Difficulties arise when, as this all applies to influencing audiences through on-air and commercial writing and production, the programmers have nothing but empty satchels from which to haul out any useful and powerful methods of enhancing a station’s results. Programmers find themselves double-timing in four-foot circles rather than being well armed, informed, and leading by example.

Somehow, although no longer a mystery, radio has dropped education, training, and practice as worthwhile programming concepts to, oh, I dunno, maybe kick around a bit.

As ownership and management are, rightly, considering how to communicate the reality of radio’s significant and wonderful impact on audiences for the benefit of advertisers, the programmers no longer have a seat at the table.

Only one of the ironies is in how most agree: The most influential elements required for engaging audiences are the on-air and spot-production dynamics of every radio station. So, let’s casually amble over to that there programming cupboard yonder, and whip us up some fine, tasty, and influential treats. Oh, can’t do that? Cupboard’s bare? “Don’ need no stinking treats, anyway.” Hammer the sales department instead.

Ronald T. Robinson has been involved in Canadian radio since the ’60s as a performer, writer and coach, and has trained and certified as a personal counselor. [email protected]

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Ron Robinson
Ronald T. Robinson has been involved in Canadian radio since the '60s as a performer, writer and coach, and has trained and certified as a personal counselor. Ron makes the assertion that the most important communicative aspects of broadcasting, as they relate to talent and creative, have yet to be addressed.

2 COMMENTS

  1. Kind words, indeed, Mary Anne.
    “Talkin’ dirty an’ playing the Hits” delivered many tangible benefits.
    While the results of superior talent putting out were demonstrable, I put it to management and the ownership that successfully negotiating the way forward is not necessarily by taking the road back.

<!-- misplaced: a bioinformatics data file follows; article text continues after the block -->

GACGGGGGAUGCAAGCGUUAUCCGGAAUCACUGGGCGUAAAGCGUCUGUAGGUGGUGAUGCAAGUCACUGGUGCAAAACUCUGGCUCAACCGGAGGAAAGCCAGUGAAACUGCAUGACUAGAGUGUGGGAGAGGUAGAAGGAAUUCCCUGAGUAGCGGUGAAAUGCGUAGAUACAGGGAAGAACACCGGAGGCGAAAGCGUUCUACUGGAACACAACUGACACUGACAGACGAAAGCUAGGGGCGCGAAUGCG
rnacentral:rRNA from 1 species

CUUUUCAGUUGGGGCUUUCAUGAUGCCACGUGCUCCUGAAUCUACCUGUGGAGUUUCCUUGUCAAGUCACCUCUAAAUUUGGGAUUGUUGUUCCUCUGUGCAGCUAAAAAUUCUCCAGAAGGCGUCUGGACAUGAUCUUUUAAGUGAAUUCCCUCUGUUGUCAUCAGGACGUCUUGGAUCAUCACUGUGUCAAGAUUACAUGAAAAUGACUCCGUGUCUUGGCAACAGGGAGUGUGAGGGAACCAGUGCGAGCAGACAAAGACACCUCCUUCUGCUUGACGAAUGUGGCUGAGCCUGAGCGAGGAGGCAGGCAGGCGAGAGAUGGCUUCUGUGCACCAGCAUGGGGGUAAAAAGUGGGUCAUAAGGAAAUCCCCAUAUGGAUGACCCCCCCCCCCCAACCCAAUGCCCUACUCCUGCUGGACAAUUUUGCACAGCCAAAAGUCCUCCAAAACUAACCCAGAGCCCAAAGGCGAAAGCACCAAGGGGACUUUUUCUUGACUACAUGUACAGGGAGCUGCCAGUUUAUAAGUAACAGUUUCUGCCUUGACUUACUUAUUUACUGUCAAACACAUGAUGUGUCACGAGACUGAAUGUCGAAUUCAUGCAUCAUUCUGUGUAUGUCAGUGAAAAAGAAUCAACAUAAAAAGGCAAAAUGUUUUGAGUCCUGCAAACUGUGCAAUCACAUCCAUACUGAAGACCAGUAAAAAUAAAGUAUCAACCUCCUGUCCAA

“Sales”, meanwhile, may be on the cusp of discerning how to better represent the medium. This, as more useful information is being provided.

    During my tenure here at Radio Ink, and before, I have been promoting the requirement for Talent to – not only demonstrate much more creativity, but to do so much more often. Most importantly – and this is the “biggie” – Talent needs to be far better trained in the science and art of communicating on the radio.
    The material does exist. 🙂

  2. Enjoyed the article, Ron. I was a personality on-air at the 1050 CHUM Toronto and CKGM in Montreal over many years. I worked with some of the most talented people on-air and with great PD John Robert Wood. The creativity was allowed to flow freely. Talent on air, in production, creative, et al, were driving the content and the numbers climbed into the stratosphere. It was the veritable Goose that laid the Golden Egg. The magic wand of content that brought the numbers home not sales. Remember the saying, “If you deliver listeners the sales will take care of themselves”. Delivering listeners requires more magic and less boardroom BS.
    I look forward to reading more articles by you Ron.